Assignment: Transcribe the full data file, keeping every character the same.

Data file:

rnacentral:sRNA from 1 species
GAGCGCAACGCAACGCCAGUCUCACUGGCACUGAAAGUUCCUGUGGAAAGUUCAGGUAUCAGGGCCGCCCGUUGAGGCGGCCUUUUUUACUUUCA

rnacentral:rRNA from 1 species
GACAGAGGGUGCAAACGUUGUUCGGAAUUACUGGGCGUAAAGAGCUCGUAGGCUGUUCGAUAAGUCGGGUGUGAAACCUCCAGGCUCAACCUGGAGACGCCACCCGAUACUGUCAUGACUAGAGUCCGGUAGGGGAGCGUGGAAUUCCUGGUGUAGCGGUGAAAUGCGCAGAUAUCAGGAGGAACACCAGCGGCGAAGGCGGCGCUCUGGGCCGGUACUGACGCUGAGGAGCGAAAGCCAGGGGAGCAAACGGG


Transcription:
rnacentral:sRNA from 1 species
GAGCGCAACGCAACGCCAGUCUCACUGGCACUGAAAGUUCCUGUGGAAAGUUCAGGUAUCAGGGCCGCCCGUUGAGGCGGCCUUUUUUACUUUCA

rnacentral:rRNA from 1 species
GACAGAGGGUGCAAACGUUGUUCGGAAUUACUGGGCGUAAAGAGCUCGUAGGCUGUUCGAUAAGUCGGGUGUGAAACCUCCAGGCUCAACCUGGAGACGCCACCCGAUACUGUCAUGACUAGAGUCCGGUAGGGGAGCGUGGAAUUCCUGGUGUAGCGGUGAAAUGCGCAGAUAUCAGGAGGAACACCAGCGGCGAAGGCGGCGCUCUGGGCCGGUACUGACGCUGAGGAGCGAAAGCCAGGGGAGCAAACGGG